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Cornell Student Articles on Topical Affairs

Financial education must be more prevalent in primary and secondary curriculums

The conversation involving money and finances is not one that is always taught as younger students. Truly, money talk does not always even happen as an adult. In order to learn about finances, one must have a conversation with someone that involves personal finances. Many countries, including the United States, can be uncomfortable when talking about finances. Personal income is something that is not frequently discussed. When asking someone about their salary the conversations can become distant and awkward. In some places, discussing money isn’t bizarre, but just facts of life. Money conversations concerning personal salaries are open topics to be discussed. In order to make money conversations more frequent and open, it is crucial to start putting some type of financial education in place for students before they become adults.

Until adulthood, the only financial education a student may get is from their parents and family. For those children that come from an economically or culturally disadvantaged background, they are already behind on understanding money. Their home life does not have the resources necessary to educate them on how to get out of poverty. Many first generation college students come from poverty-stricken areas and homes. The only way they made their way into a college or university was by having a passion for learning and their education. Sometimes the parents of economically disadvantaged students play little to no role in the academic part of their child’s life. This can have negative effects on students who are struggling in school. For the children that are able to easily participate in school and pick up quickly on topics, they advance with ease each year. However, for those unable to succeed on certain topics, they are left behind from the start. That is why having a discussion about finances is important. The only true way to get out of poverty is with education and financial understanding. 

The money conversations should also include women. Women have continuously been seen as less than to their male counterparts when it comes to finances and the wage gap. Females still make less than males and are in what seems like a never ending battle for socioeconomic equality. By teaching young females about finances, they should be able to understand how to control their own. The historic and extremely dated narrative that a female must be taken care of by a male is unnecessarily inaccurate. All humans should be treated equally, especially when it comes to their financial well-being. Some financial programs are put in place to educate people about their resources. 

Financial education should be put in order to act as a precautionary measure instead of a repercussion to money activities. Often consumers don’t think much of financial education until their finances are out of control and they are concerned how they will survive with little to no money. Only consumers with established credit are allowed to finance items with reasonable interest rates. So those who may have had a rough first few years of their adult life in regard to finances will almost be punished later with no ability to finance with a poor credit score. If financial education was in place while they were in school, they may have had a better understanding of money and how their personal finances work after school.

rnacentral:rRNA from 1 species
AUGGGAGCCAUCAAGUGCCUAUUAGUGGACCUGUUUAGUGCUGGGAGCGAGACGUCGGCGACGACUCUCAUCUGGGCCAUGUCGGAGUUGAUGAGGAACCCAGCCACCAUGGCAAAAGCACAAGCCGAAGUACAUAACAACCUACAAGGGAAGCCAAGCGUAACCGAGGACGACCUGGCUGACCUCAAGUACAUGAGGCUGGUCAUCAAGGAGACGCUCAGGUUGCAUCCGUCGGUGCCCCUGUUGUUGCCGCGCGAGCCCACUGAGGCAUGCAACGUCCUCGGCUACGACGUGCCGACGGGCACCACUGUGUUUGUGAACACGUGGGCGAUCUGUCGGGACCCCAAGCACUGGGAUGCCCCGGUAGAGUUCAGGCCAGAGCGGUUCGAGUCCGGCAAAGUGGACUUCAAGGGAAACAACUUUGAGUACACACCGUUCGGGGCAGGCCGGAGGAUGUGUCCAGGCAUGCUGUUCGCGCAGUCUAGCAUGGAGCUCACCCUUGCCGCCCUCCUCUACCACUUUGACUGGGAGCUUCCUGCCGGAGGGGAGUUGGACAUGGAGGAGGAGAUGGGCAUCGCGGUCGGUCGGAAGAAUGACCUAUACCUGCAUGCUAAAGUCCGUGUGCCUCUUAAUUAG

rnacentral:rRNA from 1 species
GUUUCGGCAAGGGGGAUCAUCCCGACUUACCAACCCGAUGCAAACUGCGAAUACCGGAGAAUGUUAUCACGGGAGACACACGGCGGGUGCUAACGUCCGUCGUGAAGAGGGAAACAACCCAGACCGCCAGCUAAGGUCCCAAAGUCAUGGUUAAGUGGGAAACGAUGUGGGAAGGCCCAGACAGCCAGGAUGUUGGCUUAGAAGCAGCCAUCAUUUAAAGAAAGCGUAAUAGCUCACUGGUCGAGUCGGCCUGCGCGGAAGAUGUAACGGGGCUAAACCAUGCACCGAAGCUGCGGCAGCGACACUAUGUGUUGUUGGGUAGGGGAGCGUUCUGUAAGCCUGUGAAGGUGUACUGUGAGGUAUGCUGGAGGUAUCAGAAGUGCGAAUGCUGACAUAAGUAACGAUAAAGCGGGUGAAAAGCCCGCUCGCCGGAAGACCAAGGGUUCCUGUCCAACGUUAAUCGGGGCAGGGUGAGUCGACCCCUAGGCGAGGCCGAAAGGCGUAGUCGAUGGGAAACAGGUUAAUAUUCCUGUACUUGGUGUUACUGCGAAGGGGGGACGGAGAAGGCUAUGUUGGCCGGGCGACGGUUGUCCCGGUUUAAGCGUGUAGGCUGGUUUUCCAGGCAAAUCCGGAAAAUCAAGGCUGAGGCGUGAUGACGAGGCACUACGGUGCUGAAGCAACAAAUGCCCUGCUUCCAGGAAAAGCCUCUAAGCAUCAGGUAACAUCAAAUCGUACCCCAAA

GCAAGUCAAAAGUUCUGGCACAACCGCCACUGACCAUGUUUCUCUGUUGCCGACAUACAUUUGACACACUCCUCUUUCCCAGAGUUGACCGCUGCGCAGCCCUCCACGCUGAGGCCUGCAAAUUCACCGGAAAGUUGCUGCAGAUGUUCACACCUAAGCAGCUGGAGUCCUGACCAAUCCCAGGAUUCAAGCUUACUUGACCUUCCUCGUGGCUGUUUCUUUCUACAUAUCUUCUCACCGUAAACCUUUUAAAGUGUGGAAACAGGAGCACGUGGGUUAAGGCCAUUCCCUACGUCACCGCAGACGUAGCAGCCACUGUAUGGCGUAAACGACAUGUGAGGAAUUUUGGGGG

Along with the life of a cell, primary and secondary schools should also be teaching students basic accounting, economics, and taxes. Students are forced to learn advanced calculus and trigonometry in order to foster critical thinking skills yet are not taught the practical parts of mathematics. Instead of making business make an elective, it should be put into the core curriculum of schools. Since school is in place to create an educated society, it should also teach how the economic portion of society works. Financial education should be an option early on.

If a student understands how bills work and budgeting, they may have an easier time transitioning into adult life. Many young adults make mistakes. All humans make mistakes. However, but providing ample education in all areas of life, the mistakes might not be as large. For example, explaining to a student how compound interest formulas work may help when they first decide to avail of a car or a motorbike loan in the future. Doing a complex geometry problem is not going to help them get pre-approved for a home loan. 

The personal finances of society may improve if conversations involving money were not so secretive and infrequent. It seems that money conversions are only to be had by people who have money. For poverty-stricken people, they are not as excited by money because it is hard for them to get it. They don’t have money to invest because they live paycheck to paycheck. More job opportunities might become available if society is open to having those financial conversations and educating students at a younger age about money.

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